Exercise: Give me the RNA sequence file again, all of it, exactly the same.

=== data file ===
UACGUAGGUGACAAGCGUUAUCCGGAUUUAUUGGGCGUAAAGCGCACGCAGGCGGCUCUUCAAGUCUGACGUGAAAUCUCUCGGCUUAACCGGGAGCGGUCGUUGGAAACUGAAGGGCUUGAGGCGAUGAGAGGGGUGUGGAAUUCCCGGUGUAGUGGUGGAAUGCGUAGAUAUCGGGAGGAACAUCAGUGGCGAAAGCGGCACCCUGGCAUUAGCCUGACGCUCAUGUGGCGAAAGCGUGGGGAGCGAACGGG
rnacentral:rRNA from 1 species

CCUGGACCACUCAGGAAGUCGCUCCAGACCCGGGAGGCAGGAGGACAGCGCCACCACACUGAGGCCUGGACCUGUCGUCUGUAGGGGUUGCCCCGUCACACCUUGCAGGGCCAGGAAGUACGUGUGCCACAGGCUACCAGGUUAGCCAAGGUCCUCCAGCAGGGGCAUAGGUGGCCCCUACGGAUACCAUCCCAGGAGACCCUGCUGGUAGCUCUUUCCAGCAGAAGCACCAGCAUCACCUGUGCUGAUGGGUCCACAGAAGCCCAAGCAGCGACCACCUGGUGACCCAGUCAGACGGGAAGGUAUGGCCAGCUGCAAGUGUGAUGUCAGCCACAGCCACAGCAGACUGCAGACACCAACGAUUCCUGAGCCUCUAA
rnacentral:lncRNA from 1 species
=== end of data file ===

UACGUAGGUGACAAGCGUUAUCCGGAUUUAUUGGGCGUAAAGCGCACGCAGGCGGCUCUUCAAGUCUGACGUGAAAUCUCUCGGCUUAACCGGGAGCGGUCGUUGGAAACUGAAGGGCUUGAGGCGAUGAGAGGGGUGUGGAAUUCCCGGUGUAGUGGUGGAAUGCGUAGAUAUCGGGAGGAACAUCAGUGGCGAAAGCGGCACCCUGGCAUUAGCCUGACGCUCAUGUGGCGAAAGCGUGGGGAGCGAACGGG
rnacentral:rRNA from 1 species

CCUGGACCACUCAGGAAGUCGCUCCAGACCCGGGAGGCAGGAGGACAGCGCCACCACACUGAGGCCUGGACCUGUCGUCUGUAGGGGUUGCCCCGUCACACCUUGCAGGGCCAGGAAGUACGUGUGCCACAGGCUACCAGGUUAGCCAAGGUCCUCCAGCAGGGGCAUAGGUGGCCCCUACGGAUACCAUCCCAGGAGACCCUGCUGGUAGCUCUUUCCAGCAGAAGCACCAGCAUCACCUGUGCUGAUGGGUCCACAGAAGCCCAAGCAGCGACCACCUGGUGACCCAGUCAGACGGGAAGGUAUGGCCAGCUGCAAGUGUGAUGUCAGCCACAGCCACAGCAGACUGCAGACACCAACGAUUCCUGAGCCUCUAA
rnacentral:lncRNA from 1 species